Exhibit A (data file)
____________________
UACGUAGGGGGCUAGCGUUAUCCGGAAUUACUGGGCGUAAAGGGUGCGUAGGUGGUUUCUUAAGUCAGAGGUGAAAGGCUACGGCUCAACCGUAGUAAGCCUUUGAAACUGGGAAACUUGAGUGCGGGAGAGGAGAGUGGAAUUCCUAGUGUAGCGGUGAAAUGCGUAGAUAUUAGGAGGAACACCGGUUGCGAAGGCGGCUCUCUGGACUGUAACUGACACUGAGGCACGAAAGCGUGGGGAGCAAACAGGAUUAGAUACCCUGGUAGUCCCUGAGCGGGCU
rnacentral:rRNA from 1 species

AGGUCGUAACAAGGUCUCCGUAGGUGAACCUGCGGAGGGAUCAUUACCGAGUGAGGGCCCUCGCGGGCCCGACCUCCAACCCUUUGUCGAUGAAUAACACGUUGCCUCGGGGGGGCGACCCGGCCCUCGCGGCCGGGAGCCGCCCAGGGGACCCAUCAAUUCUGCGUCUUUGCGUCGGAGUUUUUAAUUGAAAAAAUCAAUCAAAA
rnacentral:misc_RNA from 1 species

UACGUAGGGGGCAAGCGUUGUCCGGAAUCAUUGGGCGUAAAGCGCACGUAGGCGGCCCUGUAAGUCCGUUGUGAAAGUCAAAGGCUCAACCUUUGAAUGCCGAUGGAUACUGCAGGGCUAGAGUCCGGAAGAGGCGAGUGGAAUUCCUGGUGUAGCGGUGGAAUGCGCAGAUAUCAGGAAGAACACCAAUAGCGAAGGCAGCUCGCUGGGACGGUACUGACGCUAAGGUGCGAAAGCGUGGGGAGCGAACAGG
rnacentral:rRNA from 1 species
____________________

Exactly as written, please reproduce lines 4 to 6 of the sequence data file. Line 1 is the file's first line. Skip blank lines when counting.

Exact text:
rnacentral:misc_RNA from 1 species

UACGUAGGGGGCAAGCGUUGUCCGGAAUCAUUGGGCGUAAAGCGCACGUAGGCGGCCCUGUAAGUCCGUUGUGAAAGUCAAAGGCUCAACCUUUGAAUGCCGAUGGAUACUGCAGGGCUAGAGUCCGGAAGAGGCGAGUGGAAUUCCUGGUGUAGCGGUGGAAUGCGCAGAUAUCAGGAAGAACACCAAUAGCGAAGGCAGCUCGCUGGGACGGUACUGACGCUAAGGUGCGAAAGCGUGGGGAGCGAACAGG
rnacentral:rRNA from 1 species